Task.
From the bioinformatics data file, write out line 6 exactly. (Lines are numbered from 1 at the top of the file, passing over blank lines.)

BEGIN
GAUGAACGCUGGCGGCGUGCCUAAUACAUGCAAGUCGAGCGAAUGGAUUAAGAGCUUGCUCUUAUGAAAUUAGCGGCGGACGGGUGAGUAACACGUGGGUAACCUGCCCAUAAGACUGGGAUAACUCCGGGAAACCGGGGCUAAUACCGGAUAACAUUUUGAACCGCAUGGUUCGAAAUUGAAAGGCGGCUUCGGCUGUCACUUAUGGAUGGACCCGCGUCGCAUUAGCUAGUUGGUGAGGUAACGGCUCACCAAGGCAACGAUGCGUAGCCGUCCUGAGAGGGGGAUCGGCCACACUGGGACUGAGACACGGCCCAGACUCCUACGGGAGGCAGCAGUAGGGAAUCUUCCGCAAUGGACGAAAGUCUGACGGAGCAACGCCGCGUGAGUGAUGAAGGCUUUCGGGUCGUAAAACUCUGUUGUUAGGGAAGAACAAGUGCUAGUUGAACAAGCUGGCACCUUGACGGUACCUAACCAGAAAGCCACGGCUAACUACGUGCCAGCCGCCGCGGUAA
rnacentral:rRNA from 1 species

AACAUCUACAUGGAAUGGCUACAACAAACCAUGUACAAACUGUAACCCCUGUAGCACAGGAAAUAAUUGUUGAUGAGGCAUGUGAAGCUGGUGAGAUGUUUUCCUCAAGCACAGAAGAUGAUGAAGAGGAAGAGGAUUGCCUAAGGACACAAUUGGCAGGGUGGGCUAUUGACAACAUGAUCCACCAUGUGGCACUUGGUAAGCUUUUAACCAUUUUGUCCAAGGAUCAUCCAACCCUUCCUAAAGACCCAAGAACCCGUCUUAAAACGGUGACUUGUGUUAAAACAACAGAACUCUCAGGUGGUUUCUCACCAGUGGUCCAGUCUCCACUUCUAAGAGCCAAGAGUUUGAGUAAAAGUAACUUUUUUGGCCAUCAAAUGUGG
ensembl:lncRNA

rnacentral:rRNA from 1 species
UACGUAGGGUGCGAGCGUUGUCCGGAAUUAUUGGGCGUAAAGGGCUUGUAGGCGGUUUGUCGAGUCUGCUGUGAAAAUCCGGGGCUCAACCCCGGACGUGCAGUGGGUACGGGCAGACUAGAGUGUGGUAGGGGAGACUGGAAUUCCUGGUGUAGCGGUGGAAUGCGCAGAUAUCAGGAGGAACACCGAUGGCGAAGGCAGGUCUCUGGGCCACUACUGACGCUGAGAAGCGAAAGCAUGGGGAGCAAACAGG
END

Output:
UACGUAGGGUGCGAGCGUUGUCCGGAAUUAUUGGGCGUAAAGGGCUUGUAGGCGGUUUGUCGAGUCUGCUGUGAAAAUCCGGGGCUCAACCCCGGACGUGCAGUGGGUACGGGCAGACUAGAGUGUGGUAGGGGAGACUGGAAUUCCUGGUGUAGCGGUGGAAUGCGCAGAUAUCAGGAGGAACACCGAUGGCGAAGGCAGGUCUCUGGGCCACUACUGACGCUGAGAAGCGAAAGCAUGGGGAGCAAACAGG